Have you ever wondered how you can do something about human trafficking? Maybe you’ve grown increasingly aware of the injustice of slavery in the world, but have no idea how to join the fight. After all, you’re just one person. And there are already many great organizations working to fight human trafficking. But rescuing and rehabilitating those who have been exploited takes money. Working to put offenders away takes resources too. One valuable way we can join in this work is by donating funds to those doing the ground work. Here are three inspiring stories of ordinary people who are using what they have to generate funds to donate to the cause of ending slavery. I hope they inspire you!
A Dream Maker
A Dream Maker began in the household of stay-at-home mom of 3, Alisa Sherman, with a passion to end human trafficking.
“I decided one day to ask myself what I have in my hands that could bring change. I love creating, designing, taking what one thinks is trash and making a treasure out of it. I realized that every drop helps and if we all do a little, together it does a lot! I hoped one day that my creations could help bring funds to anti-trafficking efforts.”
About 8 years ago, Alisa began designing and making items in her home for the boutique industry in Portland where she lives. As people bought her designs, a portion went to a transition home for rescued trafficked children. Her designs included adorable original baby clothes, often made from repurposed material.
The idea of a coalition formed when many people began to ask her how they too could get involved. Many felt that they didn’t have any practical skills to contribute or were already running a household and raising children. A belief began to expand, reinvigorating the notion that although it was impossible for any one person to start a major organization alone, together, real change could be possible.
A Dream Maker’s creations have expanded too. Kids clothes are still a major selling feature, but they also have vintage and repurposed household decor items. They sell them in boutiques in Portland as well as online at their Etsy shop. A Dream Maker also partners with Red Door Reclaimed in selling at booths in fairs and markets. Proceeds go primarily to human trafficking efforts in Europe through Freedom 61 and Virsavia Project.
Make A Stand
At just 8 years old, Vivienne Harr’s story became famous when she started a lemonade stand with the goal of raising money to free children in slavery. “On may 5, 2012, I saw a picture of two enslaved boys with big rocks strapped across their heads. To feel better, they were holding hands. I never knew about slavery, but I knew it was wrong. I decided to make a stand for them,” writes Vivienne on her blog, My Make A Stand.
“Compassion is not compassion without action,” is Vivienne’s motto. She vowed to sell lemonade at her stand every day, rain or shine, until she reached $100,000! She began selling her lemonade for $2 but later decided it should be “free because every child should be free.” Her average sale went up to $18, with one person paying $1000 for a glass of lemonade. On day 173 she reached her goal of $100,000 and donated the money to Not For Sale. Her parents congratulated her for reaching her goal and being done. But she responded, “Is slavery done?” When they shook their heads, she added, “Then I am not done.”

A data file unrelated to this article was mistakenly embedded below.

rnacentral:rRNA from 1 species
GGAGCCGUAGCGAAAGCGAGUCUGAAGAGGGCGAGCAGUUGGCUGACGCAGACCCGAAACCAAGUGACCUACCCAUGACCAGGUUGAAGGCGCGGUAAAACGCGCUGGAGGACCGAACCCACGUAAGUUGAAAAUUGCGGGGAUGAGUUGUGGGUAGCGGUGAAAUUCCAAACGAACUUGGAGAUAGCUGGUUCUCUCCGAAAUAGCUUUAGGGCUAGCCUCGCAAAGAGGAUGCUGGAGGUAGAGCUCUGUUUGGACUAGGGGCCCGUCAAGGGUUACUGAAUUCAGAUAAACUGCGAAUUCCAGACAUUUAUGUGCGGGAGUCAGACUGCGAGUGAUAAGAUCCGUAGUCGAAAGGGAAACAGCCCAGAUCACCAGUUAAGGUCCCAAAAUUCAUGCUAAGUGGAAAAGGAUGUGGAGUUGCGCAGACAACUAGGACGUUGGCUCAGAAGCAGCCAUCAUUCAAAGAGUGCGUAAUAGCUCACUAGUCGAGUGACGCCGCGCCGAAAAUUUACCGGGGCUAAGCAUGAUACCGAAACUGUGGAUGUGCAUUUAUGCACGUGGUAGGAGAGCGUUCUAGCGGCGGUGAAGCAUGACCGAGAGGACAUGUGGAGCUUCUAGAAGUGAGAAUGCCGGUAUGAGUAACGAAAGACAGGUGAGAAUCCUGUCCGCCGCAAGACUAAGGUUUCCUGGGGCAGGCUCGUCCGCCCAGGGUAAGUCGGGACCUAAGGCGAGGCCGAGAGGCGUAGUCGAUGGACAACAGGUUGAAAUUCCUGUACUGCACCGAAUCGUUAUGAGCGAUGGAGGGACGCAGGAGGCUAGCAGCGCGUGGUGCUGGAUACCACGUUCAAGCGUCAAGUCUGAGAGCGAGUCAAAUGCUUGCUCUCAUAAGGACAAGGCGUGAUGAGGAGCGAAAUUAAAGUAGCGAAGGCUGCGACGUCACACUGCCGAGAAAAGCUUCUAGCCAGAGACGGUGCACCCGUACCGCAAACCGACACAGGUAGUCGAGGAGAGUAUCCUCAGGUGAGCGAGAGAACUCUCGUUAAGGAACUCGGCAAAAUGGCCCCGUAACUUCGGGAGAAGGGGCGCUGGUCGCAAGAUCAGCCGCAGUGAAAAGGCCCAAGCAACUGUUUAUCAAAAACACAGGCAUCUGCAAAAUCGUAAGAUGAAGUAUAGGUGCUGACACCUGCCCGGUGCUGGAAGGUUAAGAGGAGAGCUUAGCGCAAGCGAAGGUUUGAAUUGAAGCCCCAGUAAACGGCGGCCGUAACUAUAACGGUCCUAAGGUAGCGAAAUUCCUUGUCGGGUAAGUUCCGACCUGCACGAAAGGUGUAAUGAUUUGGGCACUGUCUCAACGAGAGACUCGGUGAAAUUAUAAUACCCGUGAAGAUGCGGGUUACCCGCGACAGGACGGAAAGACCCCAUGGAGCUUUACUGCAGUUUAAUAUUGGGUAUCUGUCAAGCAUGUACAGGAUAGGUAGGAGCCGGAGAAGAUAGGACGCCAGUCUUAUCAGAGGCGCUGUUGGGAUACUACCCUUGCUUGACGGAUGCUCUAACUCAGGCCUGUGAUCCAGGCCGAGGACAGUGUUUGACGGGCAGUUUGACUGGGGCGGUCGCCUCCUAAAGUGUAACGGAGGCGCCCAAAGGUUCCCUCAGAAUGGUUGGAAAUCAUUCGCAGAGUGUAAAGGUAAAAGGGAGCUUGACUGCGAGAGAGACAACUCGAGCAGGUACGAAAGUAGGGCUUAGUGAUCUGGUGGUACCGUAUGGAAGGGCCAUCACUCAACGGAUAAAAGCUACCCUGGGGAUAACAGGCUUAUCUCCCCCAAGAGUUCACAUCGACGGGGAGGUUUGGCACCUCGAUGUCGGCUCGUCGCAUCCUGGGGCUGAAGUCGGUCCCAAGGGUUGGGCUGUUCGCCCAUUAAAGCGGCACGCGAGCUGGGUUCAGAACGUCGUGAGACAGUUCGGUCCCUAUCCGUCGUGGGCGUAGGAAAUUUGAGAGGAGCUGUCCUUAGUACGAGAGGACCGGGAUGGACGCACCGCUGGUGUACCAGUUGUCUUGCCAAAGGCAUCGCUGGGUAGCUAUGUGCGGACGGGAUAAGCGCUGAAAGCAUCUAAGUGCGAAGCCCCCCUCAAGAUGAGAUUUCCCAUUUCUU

Vivienne decided to keep going for a full year. Her story was covered by prominent newspapers and tweeted around the world. On day 366, her stand moved online and Make A Stand Lemon-aid was bottled and sold in stores. Since then, she has also written a children’s book called Make a Stand: When Life Gives You Lemons, Change the World!
Scrap Cars Not Kids
When Chris and Jane Wiens became aware of child exploitation and sex trafficking, they knew they had to do something. Along with close friend and business partner, Brian Falls, they founded Just Right Recycling, a social enterprise, as well as Scrap Cars Not Kids, a registered Canadian charity located in the Fraser Valley of British Columbia.
“Our eyes were opened to an issue that we knew we had to do something about, so we took my industrial skilled background and wove it together with a cause and we came up with this great idea,” says Chris. “We would launch a charity that raised awareness of the issue and then took automobiles and other forms of recyclable metals and turned it into support for different projects being run by a few other organizations who already have a strong presence both locally and abroad.”
Since then, Scrap Cars Not Kids has done a variety of projects including participating in an open house event put on by a local company and showing up at expo’s to let people know about their work. They accept car donations as well as scrap metal. Depending on their condition, cars may be scrapped or sold. Either way, proceeds go to help kids.
This passion has also taken Chris and Jane to Mexico. They had the opportunity to be part of a team racing the Baja 500 as a way to raise support and awareness, which would benefit a local children’s home. It was a dream come true.
The goal is to build a basic automotive and mechanical shop on site for the youth. “This has long been a dream of mine,” said Chris, “giving the kids a garage where they can learn basic, marketable skills. These young people can go on to careers that earn them a chance at a stable, productive future.”
As Matt Parker, founder of The Exodus Road puts it, “Justice is in the Hands of the Ordinary.” Each of these inspiring stories exists because ordinary people asked themselves what they had and came up with a way to use it to fight slavery. What skills can you use for good? It’s amazing what you can do with what you already have. Comment with an inspiring story of your own or someone you know. Together, we walk the paths of justice.